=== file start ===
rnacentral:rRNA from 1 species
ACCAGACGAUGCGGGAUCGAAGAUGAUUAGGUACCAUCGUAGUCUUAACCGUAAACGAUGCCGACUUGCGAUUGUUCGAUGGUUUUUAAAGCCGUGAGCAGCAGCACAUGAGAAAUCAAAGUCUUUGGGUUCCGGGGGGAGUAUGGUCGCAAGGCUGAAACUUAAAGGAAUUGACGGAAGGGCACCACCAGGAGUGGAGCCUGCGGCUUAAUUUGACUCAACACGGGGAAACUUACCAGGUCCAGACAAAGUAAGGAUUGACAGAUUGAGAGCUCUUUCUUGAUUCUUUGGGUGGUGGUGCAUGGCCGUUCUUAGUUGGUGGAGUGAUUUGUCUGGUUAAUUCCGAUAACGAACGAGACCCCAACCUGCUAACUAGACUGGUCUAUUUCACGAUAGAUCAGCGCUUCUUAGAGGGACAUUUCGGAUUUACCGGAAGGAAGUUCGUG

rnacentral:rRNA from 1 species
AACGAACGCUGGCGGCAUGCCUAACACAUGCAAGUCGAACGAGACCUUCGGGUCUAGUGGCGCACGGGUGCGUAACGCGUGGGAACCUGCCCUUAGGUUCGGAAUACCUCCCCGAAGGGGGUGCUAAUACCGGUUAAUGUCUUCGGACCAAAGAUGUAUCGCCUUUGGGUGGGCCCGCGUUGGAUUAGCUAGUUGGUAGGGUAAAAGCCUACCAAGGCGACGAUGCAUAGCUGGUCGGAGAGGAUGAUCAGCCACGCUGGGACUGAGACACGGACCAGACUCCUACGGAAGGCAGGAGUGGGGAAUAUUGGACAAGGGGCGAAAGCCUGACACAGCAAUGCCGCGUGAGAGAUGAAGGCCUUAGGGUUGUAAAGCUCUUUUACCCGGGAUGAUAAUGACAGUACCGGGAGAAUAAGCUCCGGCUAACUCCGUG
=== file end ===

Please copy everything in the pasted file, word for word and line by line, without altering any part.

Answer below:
rnacentral:rRNA from 1 species
ACCAGACGAUGCGGGAUCGAAGAUGAUUAGGUACCAUCGUAGUCUUAACCGUAAACGAUGCCGACUUGCGAUUGUUCGAUGGUUUUUAAAGCCGUGAGCAGCAGCACAUGAGAAAUCAAAGUCUUUGGGUUCCGGGGGGAGUAUGGUCGCAAGGCUGAAACUUAAAGGAAUUGACGGAAGGGCACCACCAGGAGUGGAGCCUGCGGCUUAAUUUGACUCAACACGGGGAAACUUACCAGGUCCAGACAAAGUAAGGAUUGACAGAUUGAGAGCUCUUUCUUGAUUCUUUGGGUGGUGGUGCAUGGCCGUUCUUAGUUGGUGGAGUGAUUUGUCUGGUUAAUUCCGAUAACGAACGAGACCCCAACCUGCUAACUAGACUGGUCUAUUUCACGAUAGAUCAGCGCUUCUUAGAGGGACAUUUCGGAUUUACCGGAAGGAAGUUCGUG

rnacentral:rRNA from 1 species
AACGAACGCUGGCGGCAUGCCUAACACAUGCAAGUCGAACGAGACCUUCGGGUCUAGUGGCGCACGGGUGCGUAACGCGUGGGAACCUGCCCUUAGGUUCGGAAUACCUCCCCGAAGGGGGUGCUAAUACCGGUUAAUGUCUUCGGACCAAAGAUGUAUCGCCUUUGGGUGGGCCCGCGUUGGAUUAGCUAGUUGGUAGGGUAAAAGCCUACCAAGGCGACGAUGCAUAGCUGGUCGGAGAGGAUGAUCAGCCACGCUGGGACUGAGACACGGACCAGACUCCUACGGAAGGCAGGAGUGGGGAAUAUUGGACAAGGGGCGAAAGCCUGACACAGCAAUGCCGCGUGAGAGAUGAAGGCCUUAGGGUUGUAAAGCUCUUUUACCCGGGAUGAUAAUGACAGUACCGGGAGAAUAAGCUCCGGCUAACUCCGUG